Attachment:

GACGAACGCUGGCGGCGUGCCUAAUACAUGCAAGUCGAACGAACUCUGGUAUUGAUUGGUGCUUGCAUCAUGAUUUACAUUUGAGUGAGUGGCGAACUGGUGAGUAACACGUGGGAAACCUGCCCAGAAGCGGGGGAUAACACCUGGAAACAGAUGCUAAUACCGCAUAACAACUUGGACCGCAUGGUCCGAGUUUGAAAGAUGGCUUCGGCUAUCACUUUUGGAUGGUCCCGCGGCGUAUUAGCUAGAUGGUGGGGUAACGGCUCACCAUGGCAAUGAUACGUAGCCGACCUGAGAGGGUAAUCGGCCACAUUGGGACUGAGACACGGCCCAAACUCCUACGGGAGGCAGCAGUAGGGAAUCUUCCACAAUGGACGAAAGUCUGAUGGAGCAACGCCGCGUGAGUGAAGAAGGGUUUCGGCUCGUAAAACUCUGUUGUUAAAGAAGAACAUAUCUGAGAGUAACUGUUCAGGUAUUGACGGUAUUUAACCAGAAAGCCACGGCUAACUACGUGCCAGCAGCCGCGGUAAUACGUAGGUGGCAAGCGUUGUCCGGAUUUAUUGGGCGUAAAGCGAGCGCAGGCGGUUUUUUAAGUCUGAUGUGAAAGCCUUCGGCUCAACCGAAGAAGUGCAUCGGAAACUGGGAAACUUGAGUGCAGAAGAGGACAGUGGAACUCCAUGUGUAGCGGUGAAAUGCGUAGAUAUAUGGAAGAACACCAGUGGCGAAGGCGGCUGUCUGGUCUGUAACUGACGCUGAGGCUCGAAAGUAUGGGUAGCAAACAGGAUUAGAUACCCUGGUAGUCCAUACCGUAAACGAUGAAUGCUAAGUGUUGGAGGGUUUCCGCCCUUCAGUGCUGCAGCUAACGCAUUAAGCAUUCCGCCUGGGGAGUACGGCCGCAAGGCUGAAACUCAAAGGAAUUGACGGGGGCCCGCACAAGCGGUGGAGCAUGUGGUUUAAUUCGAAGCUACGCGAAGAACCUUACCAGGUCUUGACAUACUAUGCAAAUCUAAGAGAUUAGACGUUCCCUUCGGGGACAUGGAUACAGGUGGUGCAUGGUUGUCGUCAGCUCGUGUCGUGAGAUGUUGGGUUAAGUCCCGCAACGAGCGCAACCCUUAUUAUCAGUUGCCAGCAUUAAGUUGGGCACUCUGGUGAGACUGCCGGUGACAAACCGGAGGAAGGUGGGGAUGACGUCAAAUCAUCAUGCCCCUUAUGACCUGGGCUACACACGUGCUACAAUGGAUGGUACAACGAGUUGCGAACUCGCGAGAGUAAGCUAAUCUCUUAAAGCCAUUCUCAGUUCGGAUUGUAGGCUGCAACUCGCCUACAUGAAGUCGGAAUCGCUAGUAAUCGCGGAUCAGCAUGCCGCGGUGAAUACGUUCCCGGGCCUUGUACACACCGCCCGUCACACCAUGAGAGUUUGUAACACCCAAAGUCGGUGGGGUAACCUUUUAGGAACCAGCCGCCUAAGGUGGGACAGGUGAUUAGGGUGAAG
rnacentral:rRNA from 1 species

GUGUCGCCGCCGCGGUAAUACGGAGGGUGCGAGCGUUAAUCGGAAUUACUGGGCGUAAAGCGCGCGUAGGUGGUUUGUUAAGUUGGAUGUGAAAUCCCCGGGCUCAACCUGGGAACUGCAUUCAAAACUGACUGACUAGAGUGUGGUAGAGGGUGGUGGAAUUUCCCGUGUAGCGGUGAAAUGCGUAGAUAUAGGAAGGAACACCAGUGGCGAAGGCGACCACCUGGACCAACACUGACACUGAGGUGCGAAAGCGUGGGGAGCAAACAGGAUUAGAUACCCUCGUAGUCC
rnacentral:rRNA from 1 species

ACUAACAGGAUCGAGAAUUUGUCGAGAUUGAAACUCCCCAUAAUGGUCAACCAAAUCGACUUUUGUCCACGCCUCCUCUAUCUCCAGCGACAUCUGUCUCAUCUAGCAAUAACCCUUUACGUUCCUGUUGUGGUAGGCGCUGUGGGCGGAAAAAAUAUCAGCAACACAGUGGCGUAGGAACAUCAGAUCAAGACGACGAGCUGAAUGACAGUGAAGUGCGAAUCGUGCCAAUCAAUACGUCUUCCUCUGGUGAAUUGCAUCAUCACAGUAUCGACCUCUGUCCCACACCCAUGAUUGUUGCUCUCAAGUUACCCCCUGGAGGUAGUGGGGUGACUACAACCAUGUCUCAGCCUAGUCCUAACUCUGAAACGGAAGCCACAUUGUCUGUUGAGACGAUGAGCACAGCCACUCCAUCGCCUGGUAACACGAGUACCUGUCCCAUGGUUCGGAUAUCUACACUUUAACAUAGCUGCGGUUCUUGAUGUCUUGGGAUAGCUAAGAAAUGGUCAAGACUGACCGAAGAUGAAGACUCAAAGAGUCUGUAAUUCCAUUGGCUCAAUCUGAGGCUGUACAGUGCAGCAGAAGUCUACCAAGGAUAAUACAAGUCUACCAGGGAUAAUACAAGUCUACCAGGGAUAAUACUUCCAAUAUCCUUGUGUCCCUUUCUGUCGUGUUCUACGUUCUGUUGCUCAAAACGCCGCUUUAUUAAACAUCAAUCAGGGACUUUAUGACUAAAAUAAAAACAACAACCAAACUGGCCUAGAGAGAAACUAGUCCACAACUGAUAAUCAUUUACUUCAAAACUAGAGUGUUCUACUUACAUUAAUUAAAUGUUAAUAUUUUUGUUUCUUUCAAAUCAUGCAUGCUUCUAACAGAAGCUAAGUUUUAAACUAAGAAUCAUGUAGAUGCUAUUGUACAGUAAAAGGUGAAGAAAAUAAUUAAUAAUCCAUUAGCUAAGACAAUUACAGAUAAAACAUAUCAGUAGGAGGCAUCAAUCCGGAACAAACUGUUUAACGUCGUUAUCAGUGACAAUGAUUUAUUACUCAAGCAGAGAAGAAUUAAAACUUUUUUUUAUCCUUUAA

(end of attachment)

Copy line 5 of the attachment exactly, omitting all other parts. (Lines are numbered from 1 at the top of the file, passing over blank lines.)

ACUAACAGGAUCGAGAAUUUGUCGAGAUUGAAACUCCCCAUAAUGGUCAACCAAAUCGACUUUUGUCCACGCCUCCUCUAUCUCCAGCGACAUCUGUCUCAUCUAGCAAUAACCCUUUACGUUCCUGUUGUGGUAGGCGCUGUGGGCGGAAAAAAUAUCAGCAACACAGUGGCGUAGGAACAUCAGAUCAAGACGACGAGCUGAAUGACAGUGAAGUGCGAAUCGUGCCAAUCAAUACGUCUUCCUCUGGUGAAUUGCAUCAUCACAGUAUCGACCUCUGUCCCACACCCAUGAUUGUUGCUCUCAAGUUACCCCCUGGAGGUAGUGGGGUGACUACAACCAUGUCUCAGCCUAGUCCUAACUCUGAAACGGAAGCCACAUUGUCUGUUGAGACGAUGAGCACAGCCACUCCAUCGCCUGGUAACACGAGUACCUGUCCCAUGGUUCGGAUAUCUACACUUUAACAUAGCUGCGGUUCUUGAUGUCUUGGGAUAGCUAAGAAAUGGUCAAGACUGACCGAAGAUGAAGACUCAAAGAGUCUGUAAUUCCAUUGGCUCAAUCUGAGGCUGUACAGUGCAGCAGAAGUCUACCAAGGAUAAUACAAGUCUACCAGGGAUAAUACAAGUCUACCAGGGAUAAUACUUCCAAUAUCCUUGUGUCCCUUUCUGUCGUGUUCUACGUUCUGUUGCUCAAAACGCCGCUUUAUUAAACAUCAAUCAGGGACUUUAUGACUAAAAUAAAAACAACAACCAAACUGGCCUAGAGAGAAACUAGUCCACAACUGAUAAUCAUUUACUUCAAAACUAGAGUGUUCUACUUACAUUAAUUAAAUGUUAAUAUUUUUGUUUCUUUCAAAUCAUGCAUGCUUCUAACAGAAGCUAAGUUUUAAACUAAGAAUCAUGUAGAUGCUAUUGUACAGUAAAAGGUGAAGAAAAUAAUUAAUAAUCCAUUAGCUAAGACAAUUACAGAUAAAACAUAUCAGUAGGAGGCAUCAAUCCGGAACAAACUGUUUAACGUCGUUAUCAGUGACAAUGAUUUAUUACUCAAGCAGAGAAGAAUUAAAACUUUUUUUUAUCCUUUAA